“The problem with social media at the moment is the mob mentality it’s creating. People want to be vindicated. They want the villains to be punished. But who is to say who the heroes and the villains are? People are fighting for just causes. But the lines are blurring, and everyone believes they are doing what’s right. We often aren’t presented with the other side of the argument, nor seek it out. As our world and feeds become more and more personalized and we’re served information based on an algorithm, we are only seeing what we “want” to see. And it’s causing people to feel that everyone agrees with them (even when they aren’t). We’re not getting to see the opposing views.”
As angry as cyclists might be at Strava for not punishing Brandt-Sorenson, the question remains whether the community’s outrage is justified. Could Strava realistically have done anything about it in the first place?
Lines in the sandstorm
Facebook has 1.23 billion active users. Twitter has about 305 million. And they traffic in a mind-boggling amount of cat videos, political opinions, and triathlon news stories on a daily basis. Yet Facebook and Twitter have task forces dedicated to eliminating accounts attached to the terrorist group ISIS. Since 2015, Twitter has zapped more than 125,000 such profiles. But there’s no universal code of social media rules. Facebook also makes a point to remove photos of breastfeeding mothers because it judges them to violate its rules about nudity. It doesn’t seem to have a problem with the official pages for Jenna Jameson or Pornhub, though. Twitter is cool with breasts in all formats. What’s considered taboo and what consequences are enacted on you for breaking it are totally up to the people running the websites.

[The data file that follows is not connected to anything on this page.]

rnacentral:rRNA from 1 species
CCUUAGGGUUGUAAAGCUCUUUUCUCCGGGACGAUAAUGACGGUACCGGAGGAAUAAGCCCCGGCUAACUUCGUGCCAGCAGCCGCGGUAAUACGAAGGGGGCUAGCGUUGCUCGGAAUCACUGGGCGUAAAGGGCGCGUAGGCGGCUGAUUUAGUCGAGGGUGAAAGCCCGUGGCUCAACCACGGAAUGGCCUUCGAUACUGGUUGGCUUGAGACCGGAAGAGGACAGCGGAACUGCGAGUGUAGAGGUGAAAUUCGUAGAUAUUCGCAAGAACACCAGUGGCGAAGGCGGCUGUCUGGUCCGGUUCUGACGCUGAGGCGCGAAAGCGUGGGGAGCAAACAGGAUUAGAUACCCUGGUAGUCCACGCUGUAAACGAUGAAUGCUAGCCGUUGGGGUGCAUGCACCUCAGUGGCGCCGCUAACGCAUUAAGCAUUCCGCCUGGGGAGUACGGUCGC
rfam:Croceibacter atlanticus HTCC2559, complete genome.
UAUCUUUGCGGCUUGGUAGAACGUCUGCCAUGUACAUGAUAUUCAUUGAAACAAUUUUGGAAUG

“I think we forget, as users of these platforms, that there is no democracy to social media even though it feels that way,” says Taylor. “These platforms have owners, and the owners can do whatever they wish. We are playing in their house. And as we know from being kids: their house, their rules.”
People in glass houses must be careful with ban hammers
So even if a hundred thousand voices rose in protest to Thorfinn-Sassquatch, there’s no rule saying Strava has to listen. By the same token, they could just as easily change the rules to clean out his entire trophy case. Such a move would incur its own problems, however. Once a rule is made it must be obeyed by all parties, including the rule makers. Wipe Thorfinn-Sassquatch’s account clean based on the evidence at hand and you lower the bar for proving everyone’s guilt. How many legitimately reformed dopers could be clotheslined by it? Punishing the innocent along with the guilty is never an acceptable cost in the pursuit of justice. It’s an even less savory proposition for businesses that depend on membership participation to drive revenue. It’s doubtful that Mark Gainey likes having some probable dopers racking up KOMs on his site. But he’d like it less if thousands of legitimate users fled the site over arbitrary and unfair account cancellations. Strava is the house Gainey built (with partner Mike Horvath). It’s his right to remodel it as he chooses, but with that comes the responsibility of keeping the roof from falling on his head.